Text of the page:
In a narrow upset in the Haywood County Tax Collector race last week, voters elected a man with a history of delinquent property tax bills and little experience for the job.
A new tax collector has been elected in Haywood County, but when he takes office next month his duties will be substantially less than the outgoing tax collector.
When Jackson County commissioners halted the controversial rewrite of the steep slope development rules earlier this year, critics were both pleased and skeptical.
Pleased that a rollback of the county’s steep slope rules wouldn’t be pushed to the finish line before November’s election, but skeptical that the sitting commissioners would really stop work on the rollback. Instead, many thought the incumbents were trying to save their own re-election chances and would pick up where they left off after November.
Controlling mountainside development is a universal issue grappled with across Western North Carolina.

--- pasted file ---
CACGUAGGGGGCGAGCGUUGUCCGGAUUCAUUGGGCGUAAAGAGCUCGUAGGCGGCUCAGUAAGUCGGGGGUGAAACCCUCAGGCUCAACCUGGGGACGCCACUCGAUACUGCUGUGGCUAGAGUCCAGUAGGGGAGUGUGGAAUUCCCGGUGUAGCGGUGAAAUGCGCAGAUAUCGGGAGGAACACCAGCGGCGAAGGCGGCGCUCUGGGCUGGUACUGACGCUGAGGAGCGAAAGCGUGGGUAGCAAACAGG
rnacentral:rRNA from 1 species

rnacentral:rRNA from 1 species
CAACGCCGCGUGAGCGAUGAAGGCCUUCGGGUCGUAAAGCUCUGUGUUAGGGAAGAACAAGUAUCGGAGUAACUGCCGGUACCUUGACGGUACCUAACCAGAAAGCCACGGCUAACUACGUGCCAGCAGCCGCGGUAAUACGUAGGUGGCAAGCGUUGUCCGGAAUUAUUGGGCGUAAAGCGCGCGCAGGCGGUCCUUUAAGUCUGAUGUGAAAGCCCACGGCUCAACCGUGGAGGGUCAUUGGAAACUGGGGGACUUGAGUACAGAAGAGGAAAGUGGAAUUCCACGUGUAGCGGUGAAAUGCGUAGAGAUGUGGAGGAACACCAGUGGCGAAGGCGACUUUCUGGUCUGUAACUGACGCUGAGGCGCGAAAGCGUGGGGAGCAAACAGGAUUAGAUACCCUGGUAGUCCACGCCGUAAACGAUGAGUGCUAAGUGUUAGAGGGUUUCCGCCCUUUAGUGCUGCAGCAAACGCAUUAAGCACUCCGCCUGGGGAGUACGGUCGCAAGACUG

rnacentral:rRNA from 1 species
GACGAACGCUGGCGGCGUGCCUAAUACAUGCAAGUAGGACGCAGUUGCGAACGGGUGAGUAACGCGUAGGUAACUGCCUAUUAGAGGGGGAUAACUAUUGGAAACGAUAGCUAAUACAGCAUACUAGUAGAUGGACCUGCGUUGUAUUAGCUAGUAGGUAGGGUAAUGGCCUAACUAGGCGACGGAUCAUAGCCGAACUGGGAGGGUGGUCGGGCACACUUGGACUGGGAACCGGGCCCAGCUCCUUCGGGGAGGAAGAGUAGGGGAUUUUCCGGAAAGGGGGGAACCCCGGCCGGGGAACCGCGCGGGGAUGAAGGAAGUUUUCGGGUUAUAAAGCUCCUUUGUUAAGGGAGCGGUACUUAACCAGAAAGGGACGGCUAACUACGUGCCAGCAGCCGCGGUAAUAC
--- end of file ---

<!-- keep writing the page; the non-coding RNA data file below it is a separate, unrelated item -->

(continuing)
But Jackson County’s residents have wrestled more passionately, more vocally, more extensively and more heatedly over mountainside development than almost any other county in the region.
Registered voters who can't wait until Election Day to vote now have the opportunity to vote in person across North Carolina.
Two candidates are competing for the job of top legal prosecutor in the seven western counties.
The seat came up for grabs when District Attorney Mike Bonfoey announced his retirement after 11 years in the role. Two assistant prosecutors who work under Bonfoey are vying for the job.
Dean Hicks is still a coach at heart.
“I’m an old coach, I don’t want to be average,” Hicks said. “No coach could settle for average, and I don’t think North Carolina should either.”
Editor’s note: The Smoky Mountain News spent a day on the campaign trail with Sen. Jim Davis, R-Franklin, as he tries to retain his seat in the N.C. General Assembly representing the seven western counties.
It’s almost dark and North Carolina Sen. Jim Davis, R-Franklin, is sitting in the Ryan’s steakhouse in Sylva. It’s Thursday, another day on the campaign trail with an election only weeks away.
Editor’s note: The Smoky Mountain News spent a day with Jane Hipps, a Democratic challenger running for the state Senate seat spanning the seven western counties.
Jane Hipps was getting a later-than-normal start on the campaign trail, unless you count the cards she passed out at her crack-of-dawn dentist appointment. In a proud moment of positive thinking, Hipps had diligently made her next dentist appointment as she left, for 7:30 a.m.